Our diet is pretty good and dental hygiene excellent. However I’m fairly sure that it was not always the case in the past. We have now run out of fresh fruit and vegetables plus we are completely out of dried peas now except for the sledging rations. This has started me thinking about what people used to eat in the past whilst on antarctic expeditions. Here is another quote from “This Accursed Land“:
“Mawson was bent over the primus, and the hissing blue flame lit the ice hole with a warm look of cosiness and added to the fragrance of the traditional sledger’s ‘Hoosh’ – a mixture, boiled in melted snow, of pemmican (dried beef, heavily laced with powdered fat) enriched with a knob of butter, and thickened with dry biscuits which were beaten to crumbs with a geologist’s hammer.”
Honestly who could want for any more? Hunting through the cook books in the kitchen I came across the following recipes:-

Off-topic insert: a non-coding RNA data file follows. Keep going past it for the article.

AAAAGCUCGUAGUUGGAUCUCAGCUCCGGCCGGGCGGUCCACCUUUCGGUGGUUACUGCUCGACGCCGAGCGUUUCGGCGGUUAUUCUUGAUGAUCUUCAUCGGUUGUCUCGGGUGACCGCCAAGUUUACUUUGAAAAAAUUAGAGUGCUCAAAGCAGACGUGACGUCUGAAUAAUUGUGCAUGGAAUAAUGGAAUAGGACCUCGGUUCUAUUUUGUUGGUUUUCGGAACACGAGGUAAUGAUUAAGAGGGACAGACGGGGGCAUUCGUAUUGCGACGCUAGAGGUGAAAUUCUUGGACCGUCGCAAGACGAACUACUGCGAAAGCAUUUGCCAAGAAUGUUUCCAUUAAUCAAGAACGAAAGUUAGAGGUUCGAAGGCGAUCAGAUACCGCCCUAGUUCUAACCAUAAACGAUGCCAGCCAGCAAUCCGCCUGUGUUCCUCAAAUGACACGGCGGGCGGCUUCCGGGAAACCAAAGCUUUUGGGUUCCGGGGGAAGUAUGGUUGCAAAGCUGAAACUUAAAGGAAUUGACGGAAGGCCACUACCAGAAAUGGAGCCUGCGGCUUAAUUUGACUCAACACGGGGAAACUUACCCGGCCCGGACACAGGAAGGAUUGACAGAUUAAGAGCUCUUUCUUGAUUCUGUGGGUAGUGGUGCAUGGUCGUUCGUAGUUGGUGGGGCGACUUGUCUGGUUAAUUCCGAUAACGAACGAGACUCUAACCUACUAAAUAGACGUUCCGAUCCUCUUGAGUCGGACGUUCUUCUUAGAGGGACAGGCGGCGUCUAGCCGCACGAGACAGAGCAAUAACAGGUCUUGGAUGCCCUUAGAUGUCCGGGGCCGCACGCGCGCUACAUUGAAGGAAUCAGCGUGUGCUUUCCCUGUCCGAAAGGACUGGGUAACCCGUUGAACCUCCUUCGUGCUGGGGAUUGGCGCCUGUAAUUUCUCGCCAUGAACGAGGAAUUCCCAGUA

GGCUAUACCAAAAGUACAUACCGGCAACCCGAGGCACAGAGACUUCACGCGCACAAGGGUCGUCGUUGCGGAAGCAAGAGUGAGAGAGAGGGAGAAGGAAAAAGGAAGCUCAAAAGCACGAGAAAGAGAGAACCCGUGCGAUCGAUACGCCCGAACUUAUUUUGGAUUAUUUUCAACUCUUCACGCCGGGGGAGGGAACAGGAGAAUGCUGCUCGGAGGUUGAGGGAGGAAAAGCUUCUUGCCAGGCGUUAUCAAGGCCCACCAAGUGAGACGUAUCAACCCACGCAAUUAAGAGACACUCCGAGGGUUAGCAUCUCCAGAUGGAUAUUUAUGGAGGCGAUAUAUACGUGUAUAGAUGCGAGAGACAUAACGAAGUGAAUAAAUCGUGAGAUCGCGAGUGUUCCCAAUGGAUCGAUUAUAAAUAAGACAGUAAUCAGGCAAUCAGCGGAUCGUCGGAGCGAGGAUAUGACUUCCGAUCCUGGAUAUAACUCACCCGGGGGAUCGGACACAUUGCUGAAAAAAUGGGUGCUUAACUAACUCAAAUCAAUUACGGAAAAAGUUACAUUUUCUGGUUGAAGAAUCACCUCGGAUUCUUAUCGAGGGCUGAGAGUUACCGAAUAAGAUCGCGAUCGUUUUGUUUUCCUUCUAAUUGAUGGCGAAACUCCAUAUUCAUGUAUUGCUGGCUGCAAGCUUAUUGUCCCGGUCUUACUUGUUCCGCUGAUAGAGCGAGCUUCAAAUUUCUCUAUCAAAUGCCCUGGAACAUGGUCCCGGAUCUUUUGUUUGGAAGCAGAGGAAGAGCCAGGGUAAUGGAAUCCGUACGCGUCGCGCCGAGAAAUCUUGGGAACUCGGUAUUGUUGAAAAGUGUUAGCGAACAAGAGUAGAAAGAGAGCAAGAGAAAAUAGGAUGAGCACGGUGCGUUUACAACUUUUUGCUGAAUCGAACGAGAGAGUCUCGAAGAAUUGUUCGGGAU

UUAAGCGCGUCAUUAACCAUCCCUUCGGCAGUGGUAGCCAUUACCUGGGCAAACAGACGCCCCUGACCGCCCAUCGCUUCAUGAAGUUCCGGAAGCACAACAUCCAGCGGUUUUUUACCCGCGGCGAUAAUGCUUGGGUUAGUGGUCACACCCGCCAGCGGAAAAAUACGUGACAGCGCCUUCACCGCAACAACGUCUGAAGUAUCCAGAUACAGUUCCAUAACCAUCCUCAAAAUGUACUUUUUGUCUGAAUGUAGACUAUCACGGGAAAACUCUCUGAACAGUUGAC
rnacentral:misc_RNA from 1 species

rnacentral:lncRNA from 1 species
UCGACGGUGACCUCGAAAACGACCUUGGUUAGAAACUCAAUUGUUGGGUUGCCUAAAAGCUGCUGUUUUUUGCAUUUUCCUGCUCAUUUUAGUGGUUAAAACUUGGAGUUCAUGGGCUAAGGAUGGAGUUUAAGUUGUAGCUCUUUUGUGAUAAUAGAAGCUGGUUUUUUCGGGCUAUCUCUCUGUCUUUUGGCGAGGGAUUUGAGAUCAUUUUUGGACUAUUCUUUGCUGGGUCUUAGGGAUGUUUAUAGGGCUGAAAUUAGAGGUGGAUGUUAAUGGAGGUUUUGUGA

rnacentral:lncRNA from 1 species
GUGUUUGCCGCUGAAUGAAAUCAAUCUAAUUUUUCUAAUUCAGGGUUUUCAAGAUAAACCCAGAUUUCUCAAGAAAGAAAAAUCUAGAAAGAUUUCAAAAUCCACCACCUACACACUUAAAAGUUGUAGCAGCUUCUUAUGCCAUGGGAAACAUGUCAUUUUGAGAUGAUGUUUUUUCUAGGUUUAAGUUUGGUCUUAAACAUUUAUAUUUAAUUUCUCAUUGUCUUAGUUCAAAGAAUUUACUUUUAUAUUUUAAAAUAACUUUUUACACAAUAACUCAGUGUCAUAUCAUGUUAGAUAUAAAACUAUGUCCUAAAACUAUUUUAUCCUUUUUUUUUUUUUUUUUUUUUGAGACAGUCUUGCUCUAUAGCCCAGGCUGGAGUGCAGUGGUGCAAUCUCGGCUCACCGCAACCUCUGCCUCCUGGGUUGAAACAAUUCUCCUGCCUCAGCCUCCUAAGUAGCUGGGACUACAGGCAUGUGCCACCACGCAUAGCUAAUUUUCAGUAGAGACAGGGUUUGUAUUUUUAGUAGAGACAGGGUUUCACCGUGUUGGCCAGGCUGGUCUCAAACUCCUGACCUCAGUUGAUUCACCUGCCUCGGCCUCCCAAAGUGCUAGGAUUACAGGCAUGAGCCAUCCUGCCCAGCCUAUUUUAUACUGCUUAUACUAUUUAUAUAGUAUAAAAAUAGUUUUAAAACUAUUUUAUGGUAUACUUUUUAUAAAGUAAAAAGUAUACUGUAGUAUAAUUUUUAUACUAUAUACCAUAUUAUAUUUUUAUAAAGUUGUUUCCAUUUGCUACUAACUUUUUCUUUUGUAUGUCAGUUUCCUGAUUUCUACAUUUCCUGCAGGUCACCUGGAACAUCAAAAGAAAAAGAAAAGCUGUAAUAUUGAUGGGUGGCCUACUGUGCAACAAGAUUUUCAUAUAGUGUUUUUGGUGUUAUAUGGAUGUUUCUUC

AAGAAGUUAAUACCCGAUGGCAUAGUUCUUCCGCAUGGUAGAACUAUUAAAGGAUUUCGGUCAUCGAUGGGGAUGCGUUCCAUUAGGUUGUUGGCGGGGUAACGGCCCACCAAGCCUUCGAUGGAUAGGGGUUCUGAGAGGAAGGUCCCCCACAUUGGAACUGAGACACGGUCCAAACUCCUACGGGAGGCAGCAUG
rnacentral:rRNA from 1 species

Obviously these dishes are now the stuff of legend, not reality as the British Antarctic Survey does not have to rely on the indigenous wildlife for food!
One of my colleagues, Andy, has been practising traditional methods of polar travel. Now we have the luxury of motorised skidoos and as unfortunately the dogs have gone the only alternative is man power. Filling small sledges called Pulks with equipment Andy, Raynor, Tom and Phil set off to haul the loads up to the caboose. Here is a picture of Andy who actually seems to be enjoying the exercise.